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Roger Federer: Reclaiming world no. 1 ranking ‘would be very special’

Hannah Wilks in ATP Tour 10 Nov 2014
Roger Federer in action against Milos Raonic at the Barclays ATP World Tour Finals (Photo by Julian Finney/Getty Images)

Roger Federer admitted it would be ‘very special’ to reclaim the world no. 1 ranking from Novak Djokovic, after keeping his hopes of the year-end world no. 1 ranking alive with an opening win against Milos Raonic at the Barclays ATP World Tour Finals.

Federer’s chances of reclaiming the top spot took a hit when he lost to Raonic in the quarterfinals of the BNP Paribas Masters in Paris, but he avenged that loss with a 6-1, 7-6(0) victory over the big-serving Canadian on the opening day of round-robin play at the season-ending championships, held at the o2 in London.

While the odds of Federer taking back the world no. 1 ranking are slim, they are very much alive and the 17-time Grand Slam champion admitted that it would mean a lot to him.

‘I think that would be very special because I've been there and I know how much it would mean,’ Federer said after his win over Raonic, ‘because winning a tournament is a one-week thing or a two-week thing, but getting back to world no. 1 is an entirely different animal. 

‘I'll try to get there, but obviously Novak is going to dictate as well what's going to happen here.’

Djokovic will maintain his grasp on the world no. 1 ranking if he goes unbeaten in round-robin play this week. The Serb, as the top seed in London, heads Group A and will start his campaign against Marin Cilic on Monday, while Federer has a rest day before facing Kei Nishikori on Tuesday.

Federer is pursuing his seventh ATP World Tour Finals title and, if he does end the year ranked world no. 1, will tie Pete Sampras for the most year-end world no. 1 finishes (six). After starting the year ranked no. 6 and having won just one title in a mediocre (by his standards) 2013 season, it would be a remarkable achievement.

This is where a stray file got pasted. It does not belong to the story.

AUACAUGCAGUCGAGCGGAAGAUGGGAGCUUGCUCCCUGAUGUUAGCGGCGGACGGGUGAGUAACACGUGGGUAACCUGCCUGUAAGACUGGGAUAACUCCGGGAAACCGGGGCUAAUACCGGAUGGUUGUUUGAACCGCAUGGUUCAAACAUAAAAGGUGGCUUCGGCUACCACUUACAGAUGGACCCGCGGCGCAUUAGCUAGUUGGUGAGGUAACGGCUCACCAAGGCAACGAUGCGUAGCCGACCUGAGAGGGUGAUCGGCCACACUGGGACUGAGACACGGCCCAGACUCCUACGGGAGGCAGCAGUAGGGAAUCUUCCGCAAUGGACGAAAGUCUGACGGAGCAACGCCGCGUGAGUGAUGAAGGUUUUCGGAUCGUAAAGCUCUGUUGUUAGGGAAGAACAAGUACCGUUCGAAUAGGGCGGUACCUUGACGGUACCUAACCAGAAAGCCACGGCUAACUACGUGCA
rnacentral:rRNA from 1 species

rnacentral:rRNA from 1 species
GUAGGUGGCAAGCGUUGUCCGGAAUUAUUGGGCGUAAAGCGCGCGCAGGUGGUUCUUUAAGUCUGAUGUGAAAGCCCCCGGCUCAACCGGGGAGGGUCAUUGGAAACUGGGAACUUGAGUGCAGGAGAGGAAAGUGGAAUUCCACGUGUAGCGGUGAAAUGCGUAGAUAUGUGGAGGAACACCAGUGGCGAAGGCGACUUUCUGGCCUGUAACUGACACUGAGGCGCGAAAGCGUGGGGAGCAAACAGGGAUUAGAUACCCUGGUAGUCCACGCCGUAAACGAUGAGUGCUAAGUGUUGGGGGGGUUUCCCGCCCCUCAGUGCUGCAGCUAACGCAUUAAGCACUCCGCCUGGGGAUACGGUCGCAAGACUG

‘I didn't put any target, I think, on the rankings,’ Federer said of his 2014 objectives. ‘I was putting more [of] a target on trying to win an amount of titles, because last year I had only won one. That was quite disappointing actually, so I was trying to get maybe three to five at least. That was the goal. 

‘I have five now. I think I made another five finals, then also now we're in the Davis Cup final, so it's been a very successful year. Better than I thought it was going to be. I figured I was going to struggle up until about March this year.  Success kicked in quite quickly with Brisbane and the Australian Open. The rankings came by surprise that all of a sudden, I have a small shot at world no. 1 after winning Shanghai.’

With all eyes on a probable clash between Federer and Djokovic, the top two seeds in London, in the final – it would be their 37th encounter – it was no surprise that Federer was asked whether he considers his rivalry with Djokovic to be the greatest of his career.

‘I feel a special connection towards Rafa just because we did, I don't want to say come up together somewhat on the tour, but we did have a very strong, intense rivalry for many years, starting 2004 maybe,’ Federer said, bringing up Rafael Nadal, who is absent from the World Tour Finals as he recovers from surgery on a troubled appendix. ‘Especially we played each other that many times in finals of slams, which hasn't been the case with the other players as much. 

‘I know Novak, the matches and the rivalry is nice. I really enjoy playing against him. It's very evenly matched, you know. But I played him more often probably in semis than in finals most likely. I don't know if that's true, but that's kind of how it felt like. Because me and Rafa were always 1 and 2 or 2 and 1 for so long.  […]

‘But then also I always like to look back and see who were my tougher players when I was coming up. In the beginning I struggled against the likes of Henman, Nalbandian, Hewitt, Roddick. So for me those were really interesting players to play against. I was lucky enough that Andre Agassi played as long as he did because I got to play him also, I think almost 15 times.’

Federer’s rivalry with Nishikori is in its early stages, but their head-to-head stands at an even 2-2, each winning one match this season. With both players winning their first-round matches, the outcome of their match on Tuesday could be crucial as the round-robin action intensifies.



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Roger Federer: Reclaiming world no. 1 ranking ‘would be very special’

Federer still in with a chance after opening win against Milos Raonic at the ATP World Tour Finals

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